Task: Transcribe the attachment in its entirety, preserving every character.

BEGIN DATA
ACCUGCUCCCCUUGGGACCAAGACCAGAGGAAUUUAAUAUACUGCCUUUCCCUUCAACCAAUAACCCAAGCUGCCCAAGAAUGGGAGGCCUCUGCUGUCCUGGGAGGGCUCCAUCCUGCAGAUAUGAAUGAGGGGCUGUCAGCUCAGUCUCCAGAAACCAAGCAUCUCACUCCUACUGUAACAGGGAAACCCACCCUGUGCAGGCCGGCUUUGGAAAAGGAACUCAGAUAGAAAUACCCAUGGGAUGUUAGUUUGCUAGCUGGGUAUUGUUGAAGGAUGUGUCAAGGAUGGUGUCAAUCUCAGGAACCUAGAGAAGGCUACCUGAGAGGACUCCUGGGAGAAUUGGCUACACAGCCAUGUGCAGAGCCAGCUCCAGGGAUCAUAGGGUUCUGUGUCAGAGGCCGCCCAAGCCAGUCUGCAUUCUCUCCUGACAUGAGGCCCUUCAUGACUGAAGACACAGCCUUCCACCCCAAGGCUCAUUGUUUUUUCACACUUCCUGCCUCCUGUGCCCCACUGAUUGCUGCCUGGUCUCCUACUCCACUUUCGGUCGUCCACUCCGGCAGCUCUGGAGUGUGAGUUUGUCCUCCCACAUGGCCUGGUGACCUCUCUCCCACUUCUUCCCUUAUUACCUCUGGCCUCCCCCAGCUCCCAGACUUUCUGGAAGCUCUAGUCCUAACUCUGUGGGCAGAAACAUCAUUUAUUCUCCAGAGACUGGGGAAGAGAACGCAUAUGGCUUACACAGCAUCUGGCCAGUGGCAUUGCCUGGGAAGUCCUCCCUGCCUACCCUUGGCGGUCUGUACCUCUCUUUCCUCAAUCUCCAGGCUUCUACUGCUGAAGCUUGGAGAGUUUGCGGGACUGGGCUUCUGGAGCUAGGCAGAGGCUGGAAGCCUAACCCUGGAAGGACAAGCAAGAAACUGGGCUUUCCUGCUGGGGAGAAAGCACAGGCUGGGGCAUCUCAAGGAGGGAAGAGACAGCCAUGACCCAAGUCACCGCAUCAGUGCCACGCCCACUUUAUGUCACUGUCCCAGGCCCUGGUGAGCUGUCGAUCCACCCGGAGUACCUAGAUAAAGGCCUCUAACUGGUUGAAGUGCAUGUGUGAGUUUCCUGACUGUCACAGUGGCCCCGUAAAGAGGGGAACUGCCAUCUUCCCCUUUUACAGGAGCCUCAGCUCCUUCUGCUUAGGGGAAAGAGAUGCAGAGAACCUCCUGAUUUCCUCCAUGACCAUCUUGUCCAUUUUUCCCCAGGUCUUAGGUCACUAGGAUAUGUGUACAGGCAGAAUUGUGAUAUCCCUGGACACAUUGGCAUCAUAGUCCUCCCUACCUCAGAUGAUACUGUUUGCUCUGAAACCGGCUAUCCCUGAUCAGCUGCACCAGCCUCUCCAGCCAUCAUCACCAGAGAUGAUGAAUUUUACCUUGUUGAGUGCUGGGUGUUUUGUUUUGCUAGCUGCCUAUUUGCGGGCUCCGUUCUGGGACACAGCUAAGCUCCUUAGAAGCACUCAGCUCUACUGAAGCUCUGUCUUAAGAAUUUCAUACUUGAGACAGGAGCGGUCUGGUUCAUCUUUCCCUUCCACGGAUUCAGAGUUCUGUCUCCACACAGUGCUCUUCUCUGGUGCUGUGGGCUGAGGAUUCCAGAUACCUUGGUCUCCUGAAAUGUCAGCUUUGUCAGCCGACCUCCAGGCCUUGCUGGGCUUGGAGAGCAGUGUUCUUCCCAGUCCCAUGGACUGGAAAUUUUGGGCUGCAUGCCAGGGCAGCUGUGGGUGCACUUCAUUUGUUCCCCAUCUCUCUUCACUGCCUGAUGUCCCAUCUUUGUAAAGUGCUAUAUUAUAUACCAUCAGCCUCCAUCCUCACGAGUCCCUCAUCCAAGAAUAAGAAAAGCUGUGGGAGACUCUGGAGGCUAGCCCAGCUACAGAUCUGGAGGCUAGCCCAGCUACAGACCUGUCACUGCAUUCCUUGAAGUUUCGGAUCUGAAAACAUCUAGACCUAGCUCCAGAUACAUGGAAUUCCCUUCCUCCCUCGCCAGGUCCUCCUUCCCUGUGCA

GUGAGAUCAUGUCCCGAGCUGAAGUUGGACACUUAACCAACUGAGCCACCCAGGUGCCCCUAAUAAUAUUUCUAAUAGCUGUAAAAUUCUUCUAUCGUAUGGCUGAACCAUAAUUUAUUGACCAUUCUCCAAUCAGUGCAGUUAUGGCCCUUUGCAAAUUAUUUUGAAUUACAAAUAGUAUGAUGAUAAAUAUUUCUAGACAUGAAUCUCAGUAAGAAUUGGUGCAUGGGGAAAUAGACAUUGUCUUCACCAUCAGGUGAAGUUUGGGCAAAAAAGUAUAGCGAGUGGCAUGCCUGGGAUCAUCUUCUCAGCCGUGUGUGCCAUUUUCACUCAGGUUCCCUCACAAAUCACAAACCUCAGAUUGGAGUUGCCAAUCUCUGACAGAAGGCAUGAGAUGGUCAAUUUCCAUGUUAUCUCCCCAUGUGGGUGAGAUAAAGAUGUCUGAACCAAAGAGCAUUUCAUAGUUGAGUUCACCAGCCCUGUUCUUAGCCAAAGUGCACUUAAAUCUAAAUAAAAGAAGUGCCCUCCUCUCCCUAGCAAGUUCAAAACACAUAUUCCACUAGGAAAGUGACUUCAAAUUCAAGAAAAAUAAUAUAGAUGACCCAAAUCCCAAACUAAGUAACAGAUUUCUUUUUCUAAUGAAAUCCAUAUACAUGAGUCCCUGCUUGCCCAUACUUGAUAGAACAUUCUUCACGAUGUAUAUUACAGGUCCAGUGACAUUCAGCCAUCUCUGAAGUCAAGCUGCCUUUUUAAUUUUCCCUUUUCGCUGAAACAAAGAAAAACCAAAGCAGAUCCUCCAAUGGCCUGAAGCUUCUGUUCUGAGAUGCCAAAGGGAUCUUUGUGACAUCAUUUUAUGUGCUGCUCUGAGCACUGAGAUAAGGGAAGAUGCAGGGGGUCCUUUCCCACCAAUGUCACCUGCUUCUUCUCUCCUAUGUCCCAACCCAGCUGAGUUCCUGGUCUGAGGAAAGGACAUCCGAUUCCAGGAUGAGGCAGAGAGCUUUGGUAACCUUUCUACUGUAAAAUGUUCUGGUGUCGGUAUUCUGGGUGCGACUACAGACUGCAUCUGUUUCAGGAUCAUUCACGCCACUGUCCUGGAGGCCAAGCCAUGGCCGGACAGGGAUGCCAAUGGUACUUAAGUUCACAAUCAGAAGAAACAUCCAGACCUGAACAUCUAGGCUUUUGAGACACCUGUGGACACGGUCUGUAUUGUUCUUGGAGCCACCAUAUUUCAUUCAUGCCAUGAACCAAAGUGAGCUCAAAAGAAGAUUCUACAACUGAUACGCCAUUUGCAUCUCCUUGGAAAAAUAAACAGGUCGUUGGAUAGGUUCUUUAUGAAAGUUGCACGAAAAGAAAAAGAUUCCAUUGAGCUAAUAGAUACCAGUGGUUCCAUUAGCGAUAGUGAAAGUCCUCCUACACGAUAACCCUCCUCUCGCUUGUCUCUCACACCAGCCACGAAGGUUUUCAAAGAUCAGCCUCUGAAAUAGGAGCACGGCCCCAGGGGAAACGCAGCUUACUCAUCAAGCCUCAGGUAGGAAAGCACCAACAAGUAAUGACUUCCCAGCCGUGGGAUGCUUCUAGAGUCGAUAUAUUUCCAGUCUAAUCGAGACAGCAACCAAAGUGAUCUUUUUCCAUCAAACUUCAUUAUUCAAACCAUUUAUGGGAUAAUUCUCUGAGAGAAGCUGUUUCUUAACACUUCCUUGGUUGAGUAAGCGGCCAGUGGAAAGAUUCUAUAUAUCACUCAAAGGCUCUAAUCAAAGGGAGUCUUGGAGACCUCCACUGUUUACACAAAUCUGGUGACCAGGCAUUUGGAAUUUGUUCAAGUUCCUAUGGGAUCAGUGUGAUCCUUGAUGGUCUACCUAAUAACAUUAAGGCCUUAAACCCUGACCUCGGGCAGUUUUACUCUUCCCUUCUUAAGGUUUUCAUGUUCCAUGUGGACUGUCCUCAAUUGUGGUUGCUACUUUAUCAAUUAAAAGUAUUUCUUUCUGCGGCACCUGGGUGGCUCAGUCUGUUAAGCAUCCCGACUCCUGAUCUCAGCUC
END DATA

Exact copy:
ACCUGCUCCCCUUGGGACCAAGACCAGAGGAAUUUAAUAUACUGCCUUUCCCUUCAACCAAUAACCCAAGCUGCCCAAGAAUGGGAGGCCUCUGCUGUCCUGGGAGGGCUCCAUCCUGCAGAUAUGAAUGAGGGGCUGUCAGCUCAGUCUCCAGAAACCAAGCAUCUCACUCCUACUGUAACAGGGAAACCCACCCUGUGCAGGCCGGCUUUGGAAAAGGAACUCAGAUAGAAAUACCCAUGGGAUGUUAGUUUGCUAGCUGGGUAUUGUUGAAGGAUGUGUCAAGGAUGGUGUCAAUCUCAGGAACCUAGAGAAGGCUACCUGAGAGGACUCCUGGGAGAAUUGGCUACACAGCCAUGUGCAGAGCCAGCUCCAGGGAUCAUAGGGUUCUGUGUCAGAGGCCGCCCAAGCCAGUCUGCAUUCUCUCCUGACAUGAGGCCCUUCAUGACUGAAGACACAGCCUUCCACCCCAAGGCUCAUUGUUUUUUCACACUUCCUGCCUCCUGUGCCCCACUGAUUGCUGCCUGGUCUCCUACUCCACUUUCGGUCGUCCACUCCGGCAGCUCUGGAGUGUGAGUUUGUCCUCCCACAUGGCCUGGUGACCUCUCUCCCACUUCUUCCCUUAUUACCUCUGGCCUCCCCCAGCUCCCAGACUUUCUGGAAGCUCUAGUCCUAACUCUGUGGGCAGAAACAUCAUUUAUUCUCCAGAGACUGGGGAAGAGAACGCAUAUGGCUUACACAGCAUCUGGCCAGUGGCAUUGCCUGGGAAGUCCUCCCUGCCUACCCUUGGCGGUCUGUACCUCUCUUUCCUCAAUCUCCAGGCUUCUACUGCUGAAGCUUGGAGAGUUUGCGGGACUGGGCUUCUGGAGCUAGGCAGAGGCUGGAAGCCUAACCCUGGAAGGACAAGCAAGAAACUGGGCUUUCCUGCUGGGGAGAAAGCACAGGCUGGGGCAUCUCAAGGAGGGAAGAGACAGCCAUGACCCAAGUCACCGCAUCAGUGCCACGCCCACUUUAUGUCACUGUCCCAGGCCCUGGUGAGCUGUCGAUCCACCCGGAGUACCUAGAUAAAGGCCUCUAACUGGUUGAAGUGCAUGUGUGAGUUUCCUGACUGUCACAGUGGCCCCGUAAAGAGGGGAACUGCCAUCUUCCCCUUUUACAGGAGCCUCAGCUCCUUCUGCUUAGGGGAAAGAGAUGCAGAGAACCUCCUGAUUUCCUCCAUGACCAUCUUGUCCAUUUUUCCCCAGGUCUUAGGUCACUAGGAUAUGUGUACAGGCAGAAUUGUGAUAUCCCUGGACACAUUGGCAUCAUAGUCCUCCCUACCUCAGAUGAUACUGUUUGCUCUGAAACCGGCUAUCCCUGAUCAGCUGCACCAGCCUCUCCAGCCAUCAUCACCAGAGAUGAUGAAUUUUACCUUGUUGAGUGCUGGGUGUUUUGUUUUGCUAGCUGCCUAUUUGCGGGCUCCGUUCUGGGACACAGCUAAGCUCCUUAGAAGCACUCAGCUCUACUGAAGCUCUGUCUUAAGAAUUUCAUACUUGAGACAGGAGCGGUCUGGUUCAUCUUUCCCUUCCACGGAUUCAGAGUUCUGUCUCCACACAGUGCUCUUCUCUGGUGCUGUGGGCUGAGGAUUCCAGAUACCUUGGUCUCCUGAAAUGUCAGCUUUGUCAGCCGACCUCCAGGCCUUGCUGGGCUUGGAGAGCAGUGUUCUUCCCAGUCCCAUGGACUGGAAAUUUUGGGCUGCAUGCCAGGGCAGCUGUGGGUGCACUUCAUUUGUUCCCCAUCUCUCUUCACUGCCUGAUGUCCCAUCUUUGUAAAGUGCUAUAUUAUAUACCAUCAGCCUCCAUCCUCACGAGUCCCUCAUCCAAGAAUAAGAAAAGCUGUGGGAGACUCUGGAGGCUAGCCCAGCUACAGAUCUGGAGGCUAGCCCAGCUACAGACCUGUCACUGCAUUCCUUGAAGUUUCGGAUCUGAAAACAUCUAGACCUAGCUCCAGAUACAUGGAAUUCCCUUCCUCCCUCGCCAGGUCCUCCUUCCCUGUGCA

GUGAGAUCAUGUCCCGAGCUGAAGUUGGACACUUAACCAACUGAGCCACCCAGGUGCCCCUAAUAAUAUUUCUAAUAGCUGUAAAAUUCUUCUAUCGUAUGGCUGAACCAUAAUUUAUUGACCAUUCUCCAAUCAGUGCAGUUAUGGCCCUUUGCAAAUUAUUUUGAAUUACAAAUAGUAUGAUGAUAAAUAUUUCUAGACAUGAAUCUCAGUAAGAAUUGGUGCAUGGGGAAAUAGACAUUGUCUUCACCAUCAGGUGAAGUUUGGGCAAAAAAGUAUAGCGAGUGGCAUGCCUGGGAUCAUCUUCUCAGCCGUGUGUGCCAUUUUCACUCAGGUUCCCUCACAAAUCACAAACCUCAGAUUGGAGUUGCCAAUCUCUGACAGAAGGCAUGAGAUGGUCAAUUUCCAUGUUAUCUCCCCAUGUGGGUGAGAUAAAGAUGUCUGAACCAAAGAGCAUUUCAUAGUUGAGUUCACCAGCCCUGUUCUUAGCCAAAGUGCACUUAAAUCUAAAUAAAAGAAGUGCCCUCCUCUCCCUAGCAAGUUCAAAACACAUAUUCCACUAGGAAAGUGACUUCAAAUUCAAGAAAAAUAAUAUAGAUGACCCAAAUCCCAAACUAAGUAACAGAUUUCUUUUUCUAAUGAAAUCCAUAUACAUGAGUCCCUGCUUGCCCAUACUUGAUAGAACAUUCUUCACGAUGUAUAUUACAGGUCCAGUGACAUUCAGCCAUCUCUGAAGUCAAGCUGCCUUUUUAAUUUUCCCUUUUCGCUGAAACAAAGAAAAACCAAAGCAGAUCCUCCAAUGGCCUGAAGCUUCUGUUCUGAGAUGCCAAAGGGAUCUUUGUGACAUCAUUUUAUGUGCUGCUCUGAGCACUGAGAUAAGGGAAGAUGCAGGGGGUCCUUUCCCACCAAUGUCACCUGCUUCUUCUCUCCUAUGUCCCAACCCAGCUGAGUUCCUGGUCUGAGGAAAGGACAUCCGAUUCCAGGAUGAGGCAGAGAGCUUUGGUAACCUUUCUACUGUAAAAUGUUCUGGUGUCGGUAUUCUGGGUGCGACUACAGACUGCAUCUGUUUCAGGAUCAUUCACGCCACUGUCCUGGAGGCCAAGCCAUGGCCGGACAGGGAUGCCAAUGGUACUUAAGUUCACAAUCAGAAGAAACAUCCAGACCUGAACAUCUAGGCUUUUGAGACACCUGUGGACACGGUCUGUAUUGUUCUUGGAGCCACCAUAUUUCAUUCAUGCCAUGAACCAAAGUGAGCUCAAAAGAAGAUUCUACAACUGAUACGCCAUUUGCAUCUCCUUGGAAAAAUAAACAGGUCGUUGGAUAGGUUCUUUAUGAAAGUUGCACGAAAAGAAAAAGAUUCCAUUGAGCUAAUAGAUACCAGUGGUUCCAUUAGCGAUAGUGAAAGUCCUCCUACACGAUAACCCUCCUCUCGCUUGUCUCUCACACCAGCCACGAAGGUUUUCAAAGAUCAGCCUCUGAAAUAGGAGCACGGCCCCAGGGGAAACGCAGCUUACUCAUCAAGCCUCAGGUAGGAAAGCACCAACAAGUAAUGACUUCCCAGCCGUGGGAUGCUUCUAGAGUCGAUAUAUUUCCAGUCUAAUCGAGACAGCAACCAAAGUGAUCUUUUUCCAUCAAACUUCAUUAUUCAAACCAUUUAUGGGAUAAUUCUCUGAGAGAAGCUGUUUCUUAACACUUCCUUGGUUGAGUAAGCGGCCAGUGGAAAGAUUCUAUAUAUCACUCAAAGGCUCUAAUCAAAGGGAGUCUUGGAGACCUCCACUGUUUACACAAAUCUGGUGACCAGGCAUUUGGAAUUUGUUCAAGUUCCUAUGGGAUCAGUGUGAUCCUUGAUGGUCUACCUAAUAACAUUAAGGCCUUAAACCCUGACCUCGGGCAGUUUUACUCUUCCCUUCUUAAGGUUUUCAUGUUCCAUGUGGACUGUCCUCAAUUGUGGUUGCUACUUUAUCAAUUAAAAGUAUUUCUUUCUGCGGCACCUGGGUGGCUCAGUCUGUUAAGCAUCCCGACUCCUGAUCUCAGCUC